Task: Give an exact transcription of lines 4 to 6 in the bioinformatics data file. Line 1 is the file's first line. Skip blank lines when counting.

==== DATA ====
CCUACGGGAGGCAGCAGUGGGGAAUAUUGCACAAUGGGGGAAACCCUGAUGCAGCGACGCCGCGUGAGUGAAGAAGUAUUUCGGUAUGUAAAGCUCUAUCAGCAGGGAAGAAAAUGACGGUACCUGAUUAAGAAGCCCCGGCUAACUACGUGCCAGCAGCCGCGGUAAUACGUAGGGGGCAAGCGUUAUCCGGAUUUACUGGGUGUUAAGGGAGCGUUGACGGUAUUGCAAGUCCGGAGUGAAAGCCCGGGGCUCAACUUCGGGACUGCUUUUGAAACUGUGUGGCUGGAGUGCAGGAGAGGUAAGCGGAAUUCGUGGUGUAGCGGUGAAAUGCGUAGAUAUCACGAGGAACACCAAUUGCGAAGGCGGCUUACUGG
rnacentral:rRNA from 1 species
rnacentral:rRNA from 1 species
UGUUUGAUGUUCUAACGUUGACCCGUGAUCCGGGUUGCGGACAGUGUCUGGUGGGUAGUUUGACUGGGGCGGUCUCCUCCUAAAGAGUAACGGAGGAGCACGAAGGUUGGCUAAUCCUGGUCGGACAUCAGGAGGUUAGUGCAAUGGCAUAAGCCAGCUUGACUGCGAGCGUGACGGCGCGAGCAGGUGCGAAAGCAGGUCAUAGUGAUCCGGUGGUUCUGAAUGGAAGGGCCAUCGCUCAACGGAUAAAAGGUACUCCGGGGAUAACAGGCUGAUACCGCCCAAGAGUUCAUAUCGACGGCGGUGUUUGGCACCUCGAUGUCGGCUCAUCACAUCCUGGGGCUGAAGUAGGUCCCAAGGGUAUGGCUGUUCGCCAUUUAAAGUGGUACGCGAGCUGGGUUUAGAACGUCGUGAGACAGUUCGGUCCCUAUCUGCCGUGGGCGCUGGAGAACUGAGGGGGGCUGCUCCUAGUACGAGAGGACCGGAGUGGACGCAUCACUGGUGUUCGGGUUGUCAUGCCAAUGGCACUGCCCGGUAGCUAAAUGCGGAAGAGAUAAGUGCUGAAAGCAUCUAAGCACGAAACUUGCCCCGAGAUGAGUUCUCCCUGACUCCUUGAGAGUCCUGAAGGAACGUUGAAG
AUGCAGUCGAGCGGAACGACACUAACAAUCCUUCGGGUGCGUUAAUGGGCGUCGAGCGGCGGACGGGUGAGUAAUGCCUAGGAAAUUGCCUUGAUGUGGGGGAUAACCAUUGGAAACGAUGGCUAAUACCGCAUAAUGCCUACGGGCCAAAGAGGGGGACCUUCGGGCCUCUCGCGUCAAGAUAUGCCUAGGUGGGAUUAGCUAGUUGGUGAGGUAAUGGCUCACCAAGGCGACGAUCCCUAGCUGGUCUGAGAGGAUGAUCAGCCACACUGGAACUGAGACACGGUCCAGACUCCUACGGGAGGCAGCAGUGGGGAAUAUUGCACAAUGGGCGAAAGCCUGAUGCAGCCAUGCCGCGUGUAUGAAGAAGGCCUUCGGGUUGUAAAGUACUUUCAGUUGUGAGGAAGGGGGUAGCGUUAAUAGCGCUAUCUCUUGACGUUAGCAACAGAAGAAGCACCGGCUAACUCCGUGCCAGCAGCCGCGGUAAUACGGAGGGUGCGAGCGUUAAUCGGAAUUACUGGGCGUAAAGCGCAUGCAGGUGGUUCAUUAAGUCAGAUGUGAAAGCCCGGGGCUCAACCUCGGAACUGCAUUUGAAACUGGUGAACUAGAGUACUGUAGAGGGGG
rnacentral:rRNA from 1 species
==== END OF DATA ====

UGUUUGAUGUUCUAACGUUGACCCGUGAUCCGGGUUGCGGACAGUGUCUGGUGGGUAGUUUGACUGGGGCGGUCUCCUCCUAAAGAGUAACGGAGGAGCACGAAGGUUGGCUAAUCCUGGUCGGACAUCAGGAGGUUAGUGCAAUGGCAUAAGCCAGCUUGACUGCGAGCGUGACGGCGCGAGCAGGUGCGAAAGCAGGUCAUAGUGAUCCGGUGGUUCUGAAUGGAAGGGCCAUCGCUCAACGGAUAAAAGGUACUCCGGGGAUAACAGGCUGAUACCGCCCAAGAGUUCAUAUCGACGGCGGUGUUUGGCACCUCGAUGUCGGCUCAUCACAUCCUGGGGCUGAAGUAGGUCCCAAGGGUAUGGCUGUUCGCCAUUUAAAGUGGUACGCGAGCUGGGUUUAGAACGUCGUGAGACAGUUCGGUCCCUAUCUGCCGUGGGCGCUGGAGAACUGAGGGGGGCUGCUCCUAGUACGAGAGGACCGGAGUGGACGCAUCACUGGUGUUCGGGUUGUCAUGCCAAUGGCACUGCCCGGUAGCUAAAUGCGGAAGAGAUAAGUGCUGAAAGCAUCUAAGCACGAAACUUGCCCCGAGAUGAGUUCUCCCUGACUCCUUGAGAGUCCUGAAGGAACGUUGAAG
AUGCAGUCGAGCGGAACGACACUAACAAUCCUUCGGGUGCGUUAAUGGGCGUCGAGCGGCGGACGGGUGAGUAAUGCCUAGGAAAUUGCCUUGAUGUGGGGGAUAACCAUUGGAAACGAUGGCUAAUACCGCAUAAUGCCUACGGGCCAAAGAGGGGGACCUUCGGGCCUCUCGCGUCAAGAUAUGCCUAGGUGGGAUUAGCUAGUUGGUGAGGUAAUGGCUCACCAAGGCGACGAUCCCUAGCUGGUCUGAGAGGAUGAUCAGCCACACUGGAACUGAGACACGGUCCAGACUCCUACGGGAGGCAGCAGUGGGGAAUAUUGCACAAUGGGCGAAAGCCUGAUGCAGCCAUGCCGCGUGUAUGAAGAAGGCCUUCGGGUUGUAAAGUACUUUCAGUUGUGAGGAAGGGGGUAGCGUUAAUAGCGCUAUCUCUUGACGUUAGCAACAGAAGAAGCACCGGCUAACUCCGUGCCAGCAGCCGCGGUAAUACGGAGGGUGCGAGCGUUAAUCGGAAUUACUGGGCGUAAAGCGCAUGCAGGUGGUUCAUUAAGUCAGAUGUGAAAGCCCGGGGCUCAACCUCGGAACUGCAUUUGAAACUGGUGAACUAGAGUACUGUAGAGGGGG
rnacentral:rRNA from 1 species